If you can't get to New York but want to purchase something of interest, the gallery has made it easy for you. Just go online and hit the "Purchase" link at the bottom of each page describing a particular item.

Yasha Wallin, "Marc Then Marks: A New Art Book Boutique", Interview, December 10, 2010

Exhibitions Here and There

✭ Next Thursday, January 20, the renovated Frances Lehman Loeb Art Center at Vassar College celebrates its reopening. Curatorial tours of the reinterpreted space will be offered throughout the evening. The event is from 5:00 p.m. to 9:00 p.m. Direct inquiries to: Francine Brown (845-437-5237; frbrown@vassar.edu).

On January 28, FLLAC opens "150 Years Later: New Photography by Tina Barney, Tim Davis, and Katherine Newbegin". Part of the college's campus-wide sesquicentennial anniversary celebration, the show features 40 new works documenting the people, environment, and culture of the college today. The show runs through March 27.

FFLAC on FaceBook

Vassar College on FaceBook, Twitter, and YouTube

Arts at Vassar on FaceBook

✭ Showing through February 18 at Babcock Galleries in New York City is "Harriet Bart: Drawn in Smoke: Triangle Shirtwaist Fire Centenary". Bart's installation comprises a series of 160 drawings composed from smoke and soot in which are inscribed names of the 146 garment workers who died in the deadly and infamous sweatshop fire.

Video of Triangle Shirtwaist Fire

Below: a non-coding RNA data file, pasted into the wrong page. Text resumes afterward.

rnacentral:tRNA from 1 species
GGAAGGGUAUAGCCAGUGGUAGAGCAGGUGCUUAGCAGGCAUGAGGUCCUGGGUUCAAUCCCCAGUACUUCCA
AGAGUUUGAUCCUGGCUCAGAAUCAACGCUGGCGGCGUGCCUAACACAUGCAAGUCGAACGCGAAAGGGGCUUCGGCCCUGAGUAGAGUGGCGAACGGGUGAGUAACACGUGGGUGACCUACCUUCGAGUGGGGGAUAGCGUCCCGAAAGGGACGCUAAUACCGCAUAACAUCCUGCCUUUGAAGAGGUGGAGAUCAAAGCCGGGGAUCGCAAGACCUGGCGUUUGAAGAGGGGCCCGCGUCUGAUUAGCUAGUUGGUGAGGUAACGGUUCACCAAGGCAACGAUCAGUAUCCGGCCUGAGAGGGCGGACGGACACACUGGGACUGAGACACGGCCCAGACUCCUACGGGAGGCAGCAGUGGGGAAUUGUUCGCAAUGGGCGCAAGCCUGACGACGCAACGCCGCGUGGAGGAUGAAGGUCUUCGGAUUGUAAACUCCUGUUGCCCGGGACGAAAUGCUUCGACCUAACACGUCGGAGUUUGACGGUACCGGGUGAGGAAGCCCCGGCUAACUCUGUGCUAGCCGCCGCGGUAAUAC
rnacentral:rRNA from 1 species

Triangle Shirtwaist Fire Trial, 1911

✭ Singer-songwriter Carole Bayer Sager's "Generations: New Paintings" opens today at LA Art House, West Hollywood, California, and runs through February 12.


Carole Bayer Sager, Odetokorn, 72" x 72", Oil on Linen
© Carole Bayer Sager

To see more of Bayer Sager's artwork, go here.

✭ In Charlotte, North Carolina, Jerald Melberg Gallery is showing "Wolf Kahn: The Early Years" through February 5. The exhibit includes both paintings and pastels dating between 1950 and 1970 and is accompanied by a full-color catalogue. More than 50 of the German-born artist's works are presented.


Wolf Kahn, In Tuscany, 13-3/8" x 19", Pastel on Paper, 1964
© Wolf Kahn

Wolf Kahn's Website

PBS Presentation on Wolf Kahn (Biography, Works, Interview Excerpts)

Jerald Melberg Gallery on FaceBook

Artists Against Violence

A man does not become a man by killing another man.
     Operation: Activate Billboard, Syracuse, New York 

A collective of artists in Syracuse, New York, is responding to an outbreak of gun violence in the city with "Operation: Activate". The anti-violence campaign is spear-headed by internationally known visual artist and photographer Carrie Mae Weems. A feature article about the campaign is here.

2 comments:

M.L. Gallagher said...

we met last night with artists from the shelter, as well as other's who sleep rough to talk about art initiatives under the banner of the TMC Society.

Operation: Activate is a fabulous idea -- and great inspiration.

Thanks Maureen!

S. Etole said...

I do like that pastel ...